Kris Jenkins (04:27):

Yeah, I think everyone's had that experience where you enter your account number via the automated dialing system, and then someone finally picks up the phone and says, "What's your account number?" That's the classic-

Steffen Hoellinger (04:37):

Absolutely, absolutely. And in the end, they have you read your credit card number allowed on the phone, which is not only insecure but I mean, a stupid task for a human to type that in over the phone.

Kris Jenkins (04:48):

Yeah. So, from that universal experience of customer service sucking, which we've all had, you went into two of my favorite topics, real-time data and machine learning. So, reveal. What is the business? What does Airy actually do with those two great topics?

Steffen Hoellinger (05:07):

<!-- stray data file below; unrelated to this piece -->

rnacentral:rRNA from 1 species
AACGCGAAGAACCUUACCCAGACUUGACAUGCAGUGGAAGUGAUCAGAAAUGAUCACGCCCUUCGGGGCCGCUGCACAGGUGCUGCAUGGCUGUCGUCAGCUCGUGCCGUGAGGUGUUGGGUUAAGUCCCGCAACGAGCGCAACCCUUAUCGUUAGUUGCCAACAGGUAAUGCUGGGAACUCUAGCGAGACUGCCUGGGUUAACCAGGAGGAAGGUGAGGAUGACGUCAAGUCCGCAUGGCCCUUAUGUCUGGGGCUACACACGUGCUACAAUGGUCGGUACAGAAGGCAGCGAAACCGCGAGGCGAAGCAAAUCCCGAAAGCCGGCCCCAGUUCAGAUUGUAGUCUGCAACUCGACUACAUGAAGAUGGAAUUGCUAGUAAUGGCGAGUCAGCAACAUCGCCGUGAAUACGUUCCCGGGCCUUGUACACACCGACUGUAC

Yeah. Airy is an open source app framework for data streaming. So, what we do is we ingest data and we stream that on top of Apache Kafka, and then we enable you to build microservices around that or to plug in standardized connectors so that it talks to your business systems. So, it can pull in data and it all also can send data to other systems, and also trigger workflows inside the organization.

Kris Jenkins (05:38):

Right. But so far that sounds like Kafka, that sounds like the pitch for Kafka. So, what are you adding on top of that?

Steffen Hoellinger (05:47):

I think we're adding a layer of standardization that ultimately enables people to get started much faster. So, we want to make it more accessible, not only to let's say the people that studied computer science and have 10 years of experience in data streaming applications, plus coding and Java, and all of these kind of things. But we ultimately want to make it more accessible because we believe it's a groundbreaking technology and it should actually make its way to the hands of more people. And this is what we're trying to do with Airy.

Kris Jenkins (06:19):

Right. Yeah. So, where does ML come into that?

Steffen Hoellinger (06:24):